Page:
treat what is basically a text file from an anonymous source on the
internet as the basis for locking someone up for 10 years.

Unbelievably, the FBI actually subpoenaed Goatsec member "Rucas the
Earthworm" to appear before a grand jury in New Jersey to defend
himself for advising people to throw their computers in the river,
accusing him of advising people to destroy evidence.

The rest of the complaint is filled with hearsay and non-facts with a
number of downright fabrications. In one footnote, the agent preparing
the report notes that "the phrase 'D8' means to be deeply involved in
an activity or to perform an activity to the fullest extent possible."
Since "D8" is just a frowny face on its side, one can only conclude
that this and other facts are being made up wholesale.

The criminal charges being levied against Spitler and Auernheimer are
disconcerting for a number of reasons; most notably the concept of
charging someone with conspiracy on the basis of IRC logs. As
explained earlier, IRC logs are hardly difficult to make up, alter or
attribute to other persons. To say nothing of the very idea of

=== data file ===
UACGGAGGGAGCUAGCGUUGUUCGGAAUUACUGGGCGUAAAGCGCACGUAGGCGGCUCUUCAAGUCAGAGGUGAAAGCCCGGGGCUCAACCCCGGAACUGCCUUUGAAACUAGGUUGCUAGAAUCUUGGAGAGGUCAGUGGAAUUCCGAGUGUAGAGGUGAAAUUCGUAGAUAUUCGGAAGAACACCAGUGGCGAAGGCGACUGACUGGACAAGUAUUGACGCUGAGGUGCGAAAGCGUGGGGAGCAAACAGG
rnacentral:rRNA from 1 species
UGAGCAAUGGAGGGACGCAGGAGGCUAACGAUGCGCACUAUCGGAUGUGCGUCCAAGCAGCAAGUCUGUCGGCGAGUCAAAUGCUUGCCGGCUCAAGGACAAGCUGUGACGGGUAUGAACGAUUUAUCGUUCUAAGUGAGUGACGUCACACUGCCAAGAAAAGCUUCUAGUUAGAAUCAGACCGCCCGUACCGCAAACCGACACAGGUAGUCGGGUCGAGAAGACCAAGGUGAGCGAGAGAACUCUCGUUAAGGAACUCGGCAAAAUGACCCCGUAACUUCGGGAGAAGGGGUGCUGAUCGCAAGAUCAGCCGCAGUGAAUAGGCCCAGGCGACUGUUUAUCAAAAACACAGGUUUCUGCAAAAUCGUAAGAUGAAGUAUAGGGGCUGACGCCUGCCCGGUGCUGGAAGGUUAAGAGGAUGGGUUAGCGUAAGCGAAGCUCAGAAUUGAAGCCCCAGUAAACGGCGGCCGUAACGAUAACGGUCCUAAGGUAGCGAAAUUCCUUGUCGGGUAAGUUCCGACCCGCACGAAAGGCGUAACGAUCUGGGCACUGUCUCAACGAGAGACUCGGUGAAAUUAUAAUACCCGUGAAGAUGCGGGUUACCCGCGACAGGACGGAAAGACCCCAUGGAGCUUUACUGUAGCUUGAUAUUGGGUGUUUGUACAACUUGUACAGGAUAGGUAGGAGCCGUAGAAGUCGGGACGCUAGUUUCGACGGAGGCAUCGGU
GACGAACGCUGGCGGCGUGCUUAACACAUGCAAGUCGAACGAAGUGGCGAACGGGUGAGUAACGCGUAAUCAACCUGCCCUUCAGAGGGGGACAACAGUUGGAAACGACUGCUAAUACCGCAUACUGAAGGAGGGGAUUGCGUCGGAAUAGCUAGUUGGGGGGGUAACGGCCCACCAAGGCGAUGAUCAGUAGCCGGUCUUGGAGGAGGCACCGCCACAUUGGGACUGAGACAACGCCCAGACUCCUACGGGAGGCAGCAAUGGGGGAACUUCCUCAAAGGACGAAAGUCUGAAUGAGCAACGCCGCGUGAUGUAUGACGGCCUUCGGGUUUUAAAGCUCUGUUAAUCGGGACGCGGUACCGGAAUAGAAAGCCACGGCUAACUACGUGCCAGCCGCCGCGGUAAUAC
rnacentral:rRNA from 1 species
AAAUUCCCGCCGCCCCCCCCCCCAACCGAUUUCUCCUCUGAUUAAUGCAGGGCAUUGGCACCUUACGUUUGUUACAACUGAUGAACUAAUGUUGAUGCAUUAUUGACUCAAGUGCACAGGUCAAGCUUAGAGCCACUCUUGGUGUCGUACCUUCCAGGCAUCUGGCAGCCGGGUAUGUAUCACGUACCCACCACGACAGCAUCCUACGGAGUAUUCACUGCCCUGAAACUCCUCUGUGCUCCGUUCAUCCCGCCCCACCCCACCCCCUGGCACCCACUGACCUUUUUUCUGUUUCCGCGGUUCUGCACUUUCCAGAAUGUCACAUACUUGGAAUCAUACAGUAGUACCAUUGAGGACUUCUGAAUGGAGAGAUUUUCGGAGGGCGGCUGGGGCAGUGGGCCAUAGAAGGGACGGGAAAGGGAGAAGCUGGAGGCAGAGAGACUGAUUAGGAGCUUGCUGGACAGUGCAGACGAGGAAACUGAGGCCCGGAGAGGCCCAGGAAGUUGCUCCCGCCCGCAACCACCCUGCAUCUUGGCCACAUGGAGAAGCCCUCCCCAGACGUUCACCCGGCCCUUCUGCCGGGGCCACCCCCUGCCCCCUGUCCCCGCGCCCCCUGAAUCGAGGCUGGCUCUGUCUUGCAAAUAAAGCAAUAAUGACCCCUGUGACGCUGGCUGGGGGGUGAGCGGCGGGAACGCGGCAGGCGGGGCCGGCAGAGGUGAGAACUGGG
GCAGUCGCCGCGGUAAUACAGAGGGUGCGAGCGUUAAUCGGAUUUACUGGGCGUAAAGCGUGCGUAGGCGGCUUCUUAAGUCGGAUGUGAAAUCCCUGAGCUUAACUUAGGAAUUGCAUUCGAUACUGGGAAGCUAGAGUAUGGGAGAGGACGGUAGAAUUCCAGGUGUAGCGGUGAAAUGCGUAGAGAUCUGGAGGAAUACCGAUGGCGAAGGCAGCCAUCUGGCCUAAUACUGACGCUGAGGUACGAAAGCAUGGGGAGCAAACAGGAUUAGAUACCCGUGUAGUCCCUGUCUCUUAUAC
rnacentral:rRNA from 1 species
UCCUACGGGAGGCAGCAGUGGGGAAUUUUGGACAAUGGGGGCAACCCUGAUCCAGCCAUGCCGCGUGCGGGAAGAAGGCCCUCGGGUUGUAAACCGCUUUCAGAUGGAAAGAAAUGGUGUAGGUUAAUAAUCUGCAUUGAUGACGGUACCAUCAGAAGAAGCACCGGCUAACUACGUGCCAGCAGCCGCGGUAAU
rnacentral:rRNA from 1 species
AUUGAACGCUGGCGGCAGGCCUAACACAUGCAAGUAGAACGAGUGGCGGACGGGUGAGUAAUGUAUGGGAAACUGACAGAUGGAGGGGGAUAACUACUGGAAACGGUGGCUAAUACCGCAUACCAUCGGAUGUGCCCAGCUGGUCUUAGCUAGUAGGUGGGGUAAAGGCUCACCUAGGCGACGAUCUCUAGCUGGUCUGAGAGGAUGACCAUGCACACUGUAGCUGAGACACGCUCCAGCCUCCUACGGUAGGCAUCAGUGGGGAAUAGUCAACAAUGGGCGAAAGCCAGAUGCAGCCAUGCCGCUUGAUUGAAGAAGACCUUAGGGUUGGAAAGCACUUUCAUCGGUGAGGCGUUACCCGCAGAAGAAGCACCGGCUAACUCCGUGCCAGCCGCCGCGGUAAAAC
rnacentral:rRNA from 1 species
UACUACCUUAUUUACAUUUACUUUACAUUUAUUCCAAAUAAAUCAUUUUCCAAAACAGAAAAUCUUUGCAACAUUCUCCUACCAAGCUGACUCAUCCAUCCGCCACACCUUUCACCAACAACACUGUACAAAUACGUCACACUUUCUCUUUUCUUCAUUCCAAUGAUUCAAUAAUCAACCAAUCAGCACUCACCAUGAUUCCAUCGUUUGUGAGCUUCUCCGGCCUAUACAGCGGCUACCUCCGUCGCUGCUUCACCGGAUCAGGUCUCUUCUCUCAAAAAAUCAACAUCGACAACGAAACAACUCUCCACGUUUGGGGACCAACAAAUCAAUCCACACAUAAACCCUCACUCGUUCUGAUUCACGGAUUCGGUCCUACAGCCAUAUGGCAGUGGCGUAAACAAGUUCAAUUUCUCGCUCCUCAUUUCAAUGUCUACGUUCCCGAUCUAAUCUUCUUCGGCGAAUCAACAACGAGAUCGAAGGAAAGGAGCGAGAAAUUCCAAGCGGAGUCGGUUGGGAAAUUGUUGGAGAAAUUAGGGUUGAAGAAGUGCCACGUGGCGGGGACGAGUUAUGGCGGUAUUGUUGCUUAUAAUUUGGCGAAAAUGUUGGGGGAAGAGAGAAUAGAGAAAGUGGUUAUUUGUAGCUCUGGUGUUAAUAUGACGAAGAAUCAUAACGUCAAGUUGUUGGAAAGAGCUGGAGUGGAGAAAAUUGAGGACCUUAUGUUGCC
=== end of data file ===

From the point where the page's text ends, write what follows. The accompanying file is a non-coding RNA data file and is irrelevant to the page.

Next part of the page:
conspiracy as a crime itself. The fact that the conspiracy charge is
thrown in usually indicates that the prosecution doesn't actually have
any hard evidence of a real crime being committed, so they resort to
trying to pin thought-crime charges on their victims instead. It is
not my intention to be alarmist, but all citizens of any country
should be greatly concerned when corporations are able to get law
enforcement to arbitrarily enforce overly broad laws to silence and
punish anyone they deem an annoyance.

Thanks for reading,
Jason Gates

 

 

5 Responses

[...] Ce billet était mentionné sur Twitter par Jeffrey Paul. Jeffrey Paul a dit: please RT! “@Gary_Niger: http://security.goatse.fr/fbi-arrests-goatsec-members FBI arrests Goatsec members on conspiracy, fraud charges” [...]